Over the last few years there have been a number of high-profile digital disruptors. I have highlighted just a few below:
The emergence of small, nimble competitors in the music (Spotify), video (Netflix), transport (Uber) and accommodation industries (Airbnb) is making established companies sit up and take notice.
Spotify and their competitors are massively disrupting the record industry model. Their model still hasn't been proven, and even artists like Taylor Swift continue to boycott the site, but consumers are moving to always on, always available music.
The future of video is of course with companies such as Netflix, who have just launched their service in Australia. Almost overnight, Australia's internet bandwidth doubled as a direct result of the Netflix launch. Senior executive in Australia in any industry cannot afford to ignore the signs.
These nimble start-ups don't have the legacies that many ASX listed companies have and the reason they can outmanoeuvre older, more established companies is because digital is in their DNA, providing them the ability to leapfrog technological advances.
Which board wants to be the one that was disrupted by the next Uber?
Across the board, I still see senior executives and board members that are struggling to keep up with the effects of digital disruption. In some ways this is linked to their ability to become fluent in the new language of digital.
This is not something that can be fixed overnight and it is far more complex than placing the nearest millennial in front of them to explain what all the social and digital jargon means.
Importantly, the skills required to operate digitally in the C-Suite cannot be imparted in a simple training course.
My view is the unstoppable impact of digital disruption it can only be properly conveyed by someone who:
People who have these characteristics can be found as non-executive directors (NEDs) sitting on boards across multiple industries around the world.
They don't provide infrequent advice or come in for an inspirational session then leave. Instead they ensure the business is seen through a digital lens at each and every board meeting.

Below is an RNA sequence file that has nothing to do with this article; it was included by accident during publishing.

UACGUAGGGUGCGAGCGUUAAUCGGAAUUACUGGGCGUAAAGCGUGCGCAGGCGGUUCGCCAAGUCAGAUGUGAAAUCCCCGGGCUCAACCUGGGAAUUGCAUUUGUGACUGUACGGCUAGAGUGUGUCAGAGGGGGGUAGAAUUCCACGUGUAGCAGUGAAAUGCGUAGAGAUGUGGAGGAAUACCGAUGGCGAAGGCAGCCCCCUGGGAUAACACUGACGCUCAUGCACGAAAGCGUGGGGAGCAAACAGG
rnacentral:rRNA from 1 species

So where can digital NEDs be the most effective? To work this out, I turned to a report by Deloitte Australia from 2012 entitled “Digital disruption, short fuse, big bang”.
In it Deloitte look at industries very likely to be disrupted by digital and identify industries at risk of a 'short fuse, big bang'.
Companies most at risk of being disrupted, such as those in finance, professional services and retail, need to be looking for digital NEDs right now.
A digital NED is also unique in that they are young enough to have been playing with digital all their life, and experienced to be able to operate at board level as a senior executive. They sit in this unique sweet spot.
The time is now – companies can't wait. Customers and shareholders can't wait. If you are in a leadership position you would be challenging your board on this – what is your digital strategy as well as your digital NED strategy?
Digital disruption should not be seen as a threat, it should be embraced as an opportunity to transform your company.
Andrew Grill is Global Managing Partner, IBM Social Consulting. The opinions expressed here are his own and don't necessarily represent IBM's positions, strategies or opinions. Andrew can be found on Twitter @AndrewGrill . He blogs at http://londoncalling.co
The views and opinions expressed in this communication are those of the author and may not necessarily state or reflect those of ANZ.
01 Jul 2015